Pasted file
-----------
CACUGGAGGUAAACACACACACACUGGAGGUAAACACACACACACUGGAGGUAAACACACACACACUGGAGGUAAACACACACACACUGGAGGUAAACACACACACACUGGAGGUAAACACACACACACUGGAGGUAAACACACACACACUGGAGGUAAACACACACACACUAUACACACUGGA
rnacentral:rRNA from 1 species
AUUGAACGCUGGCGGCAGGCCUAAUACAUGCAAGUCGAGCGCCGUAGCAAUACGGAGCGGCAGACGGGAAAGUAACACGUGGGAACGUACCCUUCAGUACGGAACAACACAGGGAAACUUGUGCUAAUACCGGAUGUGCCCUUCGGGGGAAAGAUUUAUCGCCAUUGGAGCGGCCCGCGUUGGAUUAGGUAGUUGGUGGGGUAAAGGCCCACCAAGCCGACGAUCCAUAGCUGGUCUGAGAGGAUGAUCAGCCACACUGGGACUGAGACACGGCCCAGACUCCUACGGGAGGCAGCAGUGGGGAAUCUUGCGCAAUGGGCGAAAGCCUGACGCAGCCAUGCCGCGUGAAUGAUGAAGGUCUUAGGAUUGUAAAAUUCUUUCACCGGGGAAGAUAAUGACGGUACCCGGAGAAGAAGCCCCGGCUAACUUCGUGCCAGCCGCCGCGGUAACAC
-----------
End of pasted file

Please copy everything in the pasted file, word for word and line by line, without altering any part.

CACUGGAGGUAAACACACACACACUGGAGGUAAACACACACACACUGGAGGUAAACACACACACACUGGAGGUAAACACACACACACUGGAGGUAAACACACACACACUGGAGGUAAACACACACACACUGGAGGUAAACACACACACACUGGAGGUAAACACACACACACUAUACACACUGGA
rnacentral:rRNA from 1 species
AUUGAACGCUGGCGGCAGGCCUAAUACAUGCAAGUCGAGCGCCGUAGCAAUACGGAGCGGCAGACGGGAAAGUAACACGUGGGAACGUACCCUUCAGUACGGAACAACACAGGGAAACUUGUGCUAAUACCGGAUGUGCCCUUCGGGGGAAAGAUUUAUCGCCAUUGGAGCGGCCCGCGUUGGAUUAGGUAGUUGGUGGGGUAAAGGCCCACCAAGCCGACGAUCCAUAGCUGGUCUGAGAGGAUGAUCAGCCACACUGGGACUGAGACACGGCCCAGACUCCUACGGGAGGCAGCAGUGGGGAAUCUUGCGCAAUGGGCGAAAGCCUGACGCAGCCAUGCCGCGUGAAUGAUGAAGGUCUUAGGAUUGUAAAAUUCUUUCACCGGGGAAGAUAAUGACGGUACCCGGAGAAGAAGCCCCGGCUAACUUCGUGCCAGCCGCCGCGGUAACAC